Painted Hills chuck burger with cheddar and fries at the Bravehorse Tavern. Other Seattle favorites: Palace Kitchen, Spring Hill, Zippy’s, Dick’s. What are yours?

Walrus and Carpenter Low Tide Oyster Picnic

February 17, 2011

Although I grew up a stone’s throw from Tomales Bay and have always loved a good bowl of steamed mussels, pile of fried shrimp, or mess of crab legs, I was never an oyster eater.

Something about swallowing the gooey, briny little knobs always made me a little queasy. And chew them? Forget it!

Elliott's Chef Robert Spaulding shucking Olympias

Even when I lived in Boston and frequented the bar at McCormick & Schmick’s with a bivalve-loving co-worker, the best I could do would be to douse one or two small oysters in Tabasco sauce, close my eyes, and gulp them down with a healthy swig of whatever white wine was on hand. I appreciated the ritual of oyster eating, but it just wasn’t my thing.

Then I met Carl, whose years cooking at Elliott’s Oyster House on the waterfront in Seattle had given him a healthy knowledge of, and appreciation for, the bountiful oysters of the Pacific Northwest.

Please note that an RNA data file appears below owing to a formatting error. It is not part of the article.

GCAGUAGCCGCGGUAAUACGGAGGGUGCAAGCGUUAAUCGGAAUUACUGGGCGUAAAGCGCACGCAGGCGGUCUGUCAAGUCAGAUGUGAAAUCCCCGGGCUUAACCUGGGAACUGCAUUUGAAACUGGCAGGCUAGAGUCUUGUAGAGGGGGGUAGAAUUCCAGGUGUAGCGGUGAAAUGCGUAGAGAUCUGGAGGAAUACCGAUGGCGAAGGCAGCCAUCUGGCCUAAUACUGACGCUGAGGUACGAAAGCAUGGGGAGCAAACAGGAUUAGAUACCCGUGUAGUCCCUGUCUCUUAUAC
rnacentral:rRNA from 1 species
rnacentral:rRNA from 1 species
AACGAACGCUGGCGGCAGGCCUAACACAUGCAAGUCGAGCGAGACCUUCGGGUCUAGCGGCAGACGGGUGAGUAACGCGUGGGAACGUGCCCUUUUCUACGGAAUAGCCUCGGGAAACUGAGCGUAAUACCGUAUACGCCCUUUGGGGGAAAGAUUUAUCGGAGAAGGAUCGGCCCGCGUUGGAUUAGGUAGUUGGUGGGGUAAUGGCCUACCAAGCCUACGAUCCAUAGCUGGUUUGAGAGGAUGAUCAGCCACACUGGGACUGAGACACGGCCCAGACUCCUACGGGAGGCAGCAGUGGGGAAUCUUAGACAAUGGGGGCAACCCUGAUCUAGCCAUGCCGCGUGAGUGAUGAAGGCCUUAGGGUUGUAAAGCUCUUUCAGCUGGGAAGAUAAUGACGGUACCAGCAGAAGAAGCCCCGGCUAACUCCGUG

Every November Carl returns to Elliott’s to shuck hundreds of oysters at the restaurant’s Oyster New Year bash. It was at this huge party, wandering through a massive tent on the end of Pier 56 and sampling scads of oysters whose names I’d never even heard of,  that I finally began to “get” the appeal of these tasty little shellfish, to enjoy the sweet succulance of a perfect bite of cold fresh Kumamoto or Skookum or Snow Creek.

I am lucky to have my own personal shucker

Like a nice wine, a good oyster is a perfect encapsulation of a specific terroir, in this case the waters from which it came, redolant of  cold seawater and (in my imagination at least) clean air and pure earth and sand.

In the flush of my new way of considering the oyster, I was thrilled to get a chance to attend this winter’s final Walrus and Carpenter Oyster Picnic, organized by oyster impressario Jon Rowley and held at low tide in the dead of night on the shores of the South Puget Sound’s Totten Inlet.